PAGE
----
I'm a reluctant food sentimentalist

Memory, says Nouf Al-Qasimi, is both sweet reverie and bitter pill.

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Awell-stocked grocery store is a great place to kill time, second only to memory lane, which has additional benefits such as a zero carbon footprint and the absence of a dress code. As Frank Zappa said: "It isn't necessary to imagine the world ending in fire or ice. There are two other possibilities: one is paperwork, and the other is nostalgia."

Sentimentality, a word that once reminded me of cheap perfume, is the most primal form of recollection. Though it lacks the complications of longing that come with nostalgia, it's still the reason I can't listen to Jim Croce, smell L'air du Temps, or eat buttered basmati rice without getting choked up. When you're flooded with the past, it acts as a filter.

The process by which my brain makes memories often starts with a taste or an aftertaste. Maybe it's my blood chemistry or the time of year, but these days, there's no underestimating the transportive power of the senses. Proust's iconic madeleine would have crumbled into literary sediment if it hadn't found a place to flourish in the collective consciousness of his readers.

If distance were a dish, what would it taste like? How about sadness and joy? The hothouse cucumbers I buy in the US are slender and sweet, but when I visit my Lebanese cousins, their home-grown varieties are bitter, astringent and thorny with hairs. Still, they taste like summer to me, and I love them.

Good times also taste like vinaigrette. My uncle is the salad master. All his nieces and nephews were raised on his signature dressing, a claggy and assertive muddle of garlic, shallots, salty soy and sweet maple swirled into good Lebanese olive oil. He dresses the greens heavily and is generous with the tomatoes.

And I associate the drive to the Abu Dhabi airport with heartburn and heartache. My mother stockpiles chilli pickles while I am visiting and I have a tendency to ignore them until the last night, when I finish them off, mechanically and melancholically, like vitamins for my spirit.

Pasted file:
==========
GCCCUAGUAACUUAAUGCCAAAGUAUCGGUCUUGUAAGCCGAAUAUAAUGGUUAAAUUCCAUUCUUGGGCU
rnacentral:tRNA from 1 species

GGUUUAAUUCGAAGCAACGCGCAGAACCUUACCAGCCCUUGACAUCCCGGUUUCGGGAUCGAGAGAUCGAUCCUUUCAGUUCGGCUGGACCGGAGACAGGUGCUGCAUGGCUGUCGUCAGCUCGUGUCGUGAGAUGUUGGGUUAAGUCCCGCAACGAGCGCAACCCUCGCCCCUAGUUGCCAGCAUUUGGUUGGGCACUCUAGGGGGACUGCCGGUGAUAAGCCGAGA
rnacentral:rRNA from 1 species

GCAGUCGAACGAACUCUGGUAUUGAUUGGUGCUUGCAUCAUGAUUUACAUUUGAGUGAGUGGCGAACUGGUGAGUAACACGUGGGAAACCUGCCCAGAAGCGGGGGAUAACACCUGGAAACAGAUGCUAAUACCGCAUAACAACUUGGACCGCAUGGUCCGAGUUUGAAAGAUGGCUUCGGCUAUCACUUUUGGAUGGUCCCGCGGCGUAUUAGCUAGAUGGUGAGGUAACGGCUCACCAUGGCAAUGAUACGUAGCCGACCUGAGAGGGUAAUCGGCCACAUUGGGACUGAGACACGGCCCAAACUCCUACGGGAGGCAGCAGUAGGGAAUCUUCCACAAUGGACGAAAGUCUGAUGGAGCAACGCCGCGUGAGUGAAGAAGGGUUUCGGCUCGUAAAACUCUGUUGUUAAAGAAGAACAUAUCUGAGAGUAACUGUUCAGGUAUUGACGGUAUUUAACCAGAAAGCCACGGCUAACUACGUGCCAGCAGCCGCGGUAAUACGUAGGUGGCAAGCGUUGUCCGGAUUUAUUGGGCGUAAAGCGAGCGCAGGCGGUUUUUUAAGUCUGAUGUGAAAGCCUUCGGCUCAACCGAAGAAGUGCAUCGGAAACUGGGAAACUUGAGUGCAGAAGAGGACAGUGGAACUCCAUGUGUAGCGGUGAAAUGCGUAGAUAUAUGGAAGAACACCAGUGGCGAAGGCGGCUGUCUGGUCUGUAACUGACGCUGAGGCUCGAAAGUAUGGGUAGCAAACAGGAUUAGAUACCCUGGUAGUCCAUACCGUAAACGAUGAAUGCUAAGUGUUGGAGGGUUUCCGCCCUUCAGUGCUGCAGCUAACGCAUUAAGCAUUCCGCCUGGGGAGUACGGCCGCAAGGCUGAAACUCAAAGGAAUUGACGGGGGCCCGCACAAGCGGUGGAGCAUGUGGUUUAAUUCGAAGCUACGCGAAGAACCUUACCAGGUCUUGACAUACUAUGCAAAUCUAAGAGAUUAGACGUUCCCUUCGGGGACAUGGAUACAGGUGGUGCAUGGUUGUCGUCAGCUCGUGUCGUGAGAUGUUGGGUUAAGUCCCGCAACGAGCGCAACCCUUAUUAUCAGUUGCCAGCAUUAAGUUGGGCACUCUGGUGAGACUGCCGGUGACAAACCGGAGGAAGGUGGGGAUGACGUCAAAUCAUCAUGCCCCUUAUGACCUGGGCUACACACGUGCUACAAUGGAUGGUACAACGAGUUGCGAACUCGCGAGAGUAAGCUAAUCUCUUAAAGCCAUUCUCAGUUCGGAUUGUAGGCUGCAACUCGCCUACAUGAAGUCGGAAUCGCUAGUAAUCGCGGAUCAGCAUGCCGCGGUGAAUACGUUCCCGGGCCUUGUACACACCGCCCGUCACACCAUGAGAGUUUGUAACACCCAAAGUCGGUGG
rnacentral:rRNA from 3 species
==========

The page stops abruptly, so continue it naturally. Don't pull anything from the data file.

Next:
Who Will Run the Frog Hospital by Lorrie Moore is a jewel I discovered in 1995, soon after it was first published. On the brink of 14, I was already racked with a kind of anticipatory nostalgia for things in life I feared I would never get to experience because the world felt too big and out of control. Moore's novella is the story of memory with notes on loneliness and longing, girlhood and disappointment, memory and reality, and the tenuous relationship between happiness and hope. It is told from the perspective of a woman named Berie, who finds herself with a lot of time on her hands in Paris while her husband, from whom she feels increasingly estranged, attends a medical conference.

Wandering around the city alone, Berie discovers a pastry called divorcé, which she eats daily with an urgent and ironic yearning. A divorcé consists of two choux pastry puffs held together by a placid, neutral cream filling. One choux puff is filled with silky dark chocolate custard and the other is discordantly - or perhaps harmoniously - filled with coffee custard.

It's certainly true that nostalgia is counterproductive - at least the way I enjoy it. Rumination and diligence tend to be combative. It's hard to pay attention to what's right in front of you if your eyes are fixed on the rear-view mirror. Some people wear their heart on their sleeves; I wear mine in my mouth.

Nouf Al Qasimi is an Emirati food analyst who cooks and writes in New Mexico